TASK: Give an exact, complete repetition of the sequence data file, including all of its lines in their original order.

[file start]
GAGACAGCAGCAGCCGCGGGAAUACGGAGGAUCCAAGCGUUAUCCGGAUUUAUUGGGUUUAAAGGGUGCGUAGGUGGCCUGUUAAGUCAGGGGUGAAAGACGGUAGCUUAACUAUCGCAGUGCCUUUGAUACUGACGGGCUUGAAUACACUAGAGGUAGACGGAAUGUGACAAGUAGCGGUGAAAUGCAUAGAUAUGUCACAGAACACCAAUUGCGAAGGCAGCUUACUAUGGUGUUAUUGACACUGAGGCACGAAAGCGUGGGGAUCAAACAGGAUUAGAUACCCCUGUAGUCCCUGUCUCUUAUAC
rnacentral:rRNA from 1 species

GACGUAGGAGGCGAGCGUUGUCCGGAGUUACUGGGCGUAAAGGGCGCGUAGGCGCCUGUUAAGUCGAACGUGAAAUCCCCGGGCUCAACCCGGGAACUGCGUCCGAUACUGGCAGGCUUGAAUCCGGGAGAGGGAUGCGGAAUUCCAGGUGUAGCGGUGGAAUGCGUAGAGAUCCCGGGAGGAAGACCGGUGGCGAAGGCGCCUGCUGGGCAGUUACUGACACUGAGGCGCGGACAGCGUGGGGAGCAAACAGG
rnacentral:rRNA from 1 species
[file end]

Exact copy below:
GAGACAGCAGCAGCCGCGGGAAUACGGAGGAUCCAAGCGUUAUCCGGAUUUAUUGGGUUUAAAGGGUGCGUAGGUGGCCUGUUAAGUCAGGGGUGAAAGACGGUAGCUUAACUAUCGCAGUGCCUUUGAUACUGACGGGCUUGAAUACACUAGAGGUAGACGGAAUGUGACAAGUAGCGGUGAAAUGCAUAGAUAUGUCACAGAACACCAAUUGCGAAGGCAGCUUACUAUGGUGUUAUUGACACUGAGGCACGAAAGCGUGGGGAUCAAACAGGAUUAGAUACCCCUGUAGUCCCUGUCUCUUAUAC
rnacentral:rRNA from 1 species

GACGUAGGAGGCGAGCGUUGUCCGGAGUUACUGGGCGUAAAGGGCGCGUAGGCGCCUGUUAAGUCGAACGUGAAAUCCCCGGGCUCAACCCGGGAACUGCGUCCGAUACUGGCAGGCUUGAAUCCGGGAGAGGGAUGCGGAAUUCCAGGUGUAGCGGUGGAAUGCGUAGAGAUCCCGGGAGGAAGACCGGUGGCGAAGGCGCCUGCUGGGCAGUUACUGACACUGAGGCGCGGACAGCGUGGGGAGCAAACAGG
rnacentral:rRNA from 1 species